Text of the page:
To The End

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The day begins as every day for the last 3 months has begun: Emma and Mike rise just before dawn, ready to set off as soon as daybreaks. We clear up the campsite, fetch water from a borehole and drive ahead to prepare breakfast. As always, we attract attention but it is a working day, people don’t stay long, they head on to their fields.

 

After breakfast we leave Emma and Mike and drive to the coast, to Pemba. This day, the second last day, Emma ran an incredible 74 kilometres in one day.

We speak to several TV companies who say they will film Emma finishing her run. We are delighted that the stunning Avani Pemba Beach Hotel agrees that Emma can end her incredible journey across Africa on their beach.

 

The next day we wait. Emma has risen early, looking forward to finishing. Robert is waiting on the road to film her arriving at the hotel and radios to let me know she is coming. Woocash is in the middle of the hotel and I am at the end.

It’s a wonderful moment as Emma runs through the hotel: guests and staff cheer and direct her to the beach. It’s been 18 months preparation. Many hours of commitment: for Emma and Mike training and for us preparing the car, kit, logistics, support network, and sponsorship. When Emma and I first came up with this idea, everyone told us we would not survive. We accepted this as a strong possibility and were determined to go. Then, it has been 3 months on the road. There were times in the middle when it looked like the team was going to fall apart and the run would not be finished. Yet, we were all determined to see it through.

Emma runs down the wooden stairs, steps onto the beach, walks along the concrete pier and into the sea. An amazing 3974 km, in 89 days, averaging over a marathon day. She did it. We did it.

We celebrate with champagne and sweets.

*****

Day 88 distance run: 74.17 km, 46.08 miles
Day 89 distance run: 62.11 km, 38.59 miles

Number of Days: 89

Total distance run by Emma: 3974 km, 2469 miles

Daily average distance run by Emma (including rest days): 44.7 km, 27.7 miles
(A marathon is 42.195 km, 26.219 miles)

Harare!

We contact Mike and Emma regularly to check they are okay. Sometimes they whisper if it is after dark and they don’t want anyone to hear where they are. We meet them briefly in Chinhoyi before heading down to Harare, Zimbabwe’s capital, to wait for them.

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They look pretty happy to me

Harare is beautiful.

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I couldn’t decide between that pretty photo or this weird one, so I gave you both:

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Robert disappears to see his family and go back to project work for a few days, whilst Woocash gives Cleopatra a health check. I find the best café with internet and spend a lot of time there: photos, blogs and contacting journalists. Luckily for us, friends of the family, Bobby and Margie, generously put us up which saves a huge amount of money. Harare isn’t cheap. As a thank you, Woocash fixes Bobby’s car and we donate some spare car parts. We do a lot of scrubbing and cleaning kit. We also give a surreal children’s TV interview. Thankfully it is live which means that it will never be seen again. Hooray!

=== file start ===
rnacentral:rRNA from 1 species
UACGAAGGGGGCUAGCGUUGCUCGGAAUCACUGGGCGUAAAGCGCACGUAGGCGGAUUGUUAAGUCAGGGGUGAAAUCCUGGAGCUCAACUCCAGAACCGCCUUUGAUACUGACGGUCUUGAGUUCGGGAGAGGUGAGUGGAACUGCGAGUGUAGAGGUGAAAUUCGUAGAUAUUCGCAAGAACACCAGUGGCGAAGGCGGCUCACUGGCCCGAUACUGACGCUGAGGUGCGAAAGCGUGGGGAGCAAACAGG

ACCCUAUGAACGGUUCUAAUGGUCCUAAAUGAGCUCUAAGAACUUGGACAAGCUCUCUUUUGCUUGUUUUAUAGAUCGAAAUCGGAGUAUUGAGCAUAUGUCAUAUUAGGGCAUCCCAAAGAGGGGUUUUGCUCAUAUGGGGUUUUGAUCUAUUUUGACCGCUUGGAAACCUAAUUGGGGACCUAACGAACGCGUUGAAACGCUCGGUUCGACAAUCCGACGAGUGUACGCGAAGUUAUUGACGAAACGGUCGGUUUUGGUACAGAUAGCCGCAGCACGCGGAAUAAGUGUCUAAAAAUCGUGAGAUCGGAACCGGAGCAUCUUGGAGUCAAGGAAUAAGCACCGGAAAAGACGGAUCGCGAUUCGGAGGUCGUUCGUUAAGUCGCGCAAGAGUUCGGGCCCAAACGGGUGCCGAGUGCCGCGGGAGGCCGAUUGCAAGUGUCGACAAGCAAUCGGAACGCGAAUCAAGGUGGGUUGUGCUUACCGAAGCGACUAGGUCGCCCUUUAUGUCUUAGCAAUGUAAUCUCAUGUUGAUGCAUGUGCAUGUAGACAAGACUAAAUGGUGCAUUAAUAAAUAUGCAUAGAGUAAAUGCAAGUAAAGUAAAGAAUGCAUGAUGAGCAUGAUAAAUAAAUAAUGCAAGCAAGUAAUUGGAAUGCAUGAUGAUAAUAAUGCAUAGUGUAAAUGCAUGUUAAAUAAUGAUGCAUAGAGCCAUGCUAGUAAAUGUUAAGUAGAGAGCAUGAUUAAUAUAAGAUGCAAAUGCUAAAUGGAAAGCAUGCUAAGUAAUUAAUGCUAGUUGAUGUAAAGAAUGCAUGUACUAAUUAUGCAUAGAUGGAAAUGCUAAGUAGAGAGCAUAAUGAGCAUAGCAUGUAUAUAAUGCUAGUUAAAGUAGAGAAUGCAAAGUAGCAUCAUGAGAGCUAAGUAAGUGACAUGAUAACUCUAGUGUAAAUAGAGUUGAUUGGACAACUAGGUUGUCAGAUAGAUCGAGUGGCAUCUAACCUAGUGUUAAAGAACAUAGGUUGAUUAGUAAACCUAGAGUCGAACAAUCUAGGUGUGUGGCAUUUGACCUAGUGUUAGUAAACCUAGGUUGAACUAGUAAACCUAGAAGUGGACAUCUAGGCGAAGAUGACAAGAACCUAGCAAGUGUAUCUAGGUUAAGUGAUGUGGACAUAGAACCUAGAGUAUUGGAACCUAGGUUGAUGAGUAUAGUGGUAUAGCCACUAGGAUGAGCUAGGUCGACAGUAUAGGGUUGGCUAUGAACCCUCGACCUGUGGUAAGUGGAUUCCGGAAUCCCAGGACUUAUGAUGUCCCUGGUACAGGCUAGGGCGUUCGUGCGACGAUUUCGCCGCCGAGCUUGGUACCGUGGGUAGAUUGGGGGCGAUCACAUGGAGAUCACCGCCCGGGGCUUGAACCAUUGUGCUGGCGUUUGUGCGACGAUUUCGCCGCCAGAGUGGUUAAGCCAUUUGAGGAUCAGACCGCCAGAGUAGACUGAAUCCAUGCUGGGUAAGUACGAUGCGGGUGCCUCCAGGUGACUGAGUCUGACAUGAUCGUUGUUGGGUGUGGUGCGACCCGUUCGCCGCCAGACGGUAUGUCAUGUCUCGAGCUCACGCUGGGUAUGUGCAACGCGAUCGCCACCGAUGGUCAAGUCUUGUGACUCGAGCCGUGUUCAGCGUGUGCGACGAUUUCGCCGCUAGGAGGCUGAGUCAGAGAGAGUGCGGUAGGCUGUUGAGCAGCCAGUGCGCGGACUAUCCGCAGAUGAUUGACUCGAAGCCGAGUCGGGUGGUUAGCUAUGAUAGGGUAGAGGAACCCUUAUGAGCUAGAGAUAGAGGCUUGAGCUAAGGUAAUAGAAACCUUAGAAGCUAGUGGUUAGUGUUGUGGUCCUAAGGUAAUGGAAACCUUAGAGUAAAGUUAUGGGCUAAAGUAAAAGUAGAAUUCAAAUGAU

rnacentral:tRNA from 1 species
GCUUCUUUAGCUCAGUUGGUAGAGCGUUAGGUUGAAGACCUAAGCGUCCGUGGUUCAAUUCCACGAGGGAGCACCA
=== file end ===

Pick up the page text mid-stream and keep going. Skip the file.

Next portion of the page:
A few days later Emma and Mike arrive:

The team takes a trip to The SEED Project’s office to catch up with Robert and meet friendly Nyasha, who is SEED’s only other full time employee . Driving through the city, Emma photographs stallholders, people start shouting and frowning at us to put the camera away, it’s an uncomfortable moment.

Emma and Mike enjoy a couple of days of rest at Joy’s lovely home. Emma fits in an interview with a journalist, from the magazine Out of Africa, who writes a beautiful article. At a delicious dinner, organised by Bob and Margie, Emma meets Mike who decides he would like to join Emma on one of her marathons. Which is great.

Water

The Water-to-Go bottles are perfect for Harare as otherwise the tap water isn’t safe to drink without being boiled. With the bottles we can simply fill up and er, go out and about on our business in the city!

Visas

We have decided to head on in to Mozambique. Last year there were civil disturbances and vehicles were attacked. But there has been nothing recently and we are avoiding areas that are considered at risk. Rumour tells us we may have to wait 3 weeks to get visas! Rumour turns out to be wrong. It is all sorted within 48 hours by a very organized and helpful lady.

Over at the Malawi embassy, Woocash has to write a letter explaining why he wants to visit Malawi. He does and the lady bursts out laughing when she reads it. We never find out why.

*****

Huge thanks to Bobby and Margie Warren-Codrington for having us to stay in their gorgeous home, loaning us essential kit and arranging for us to meet with someone from the BBC. And perhaps most of all for linking us up with the wonderful Dora in Mozambique who looked after us through two medical emergencies.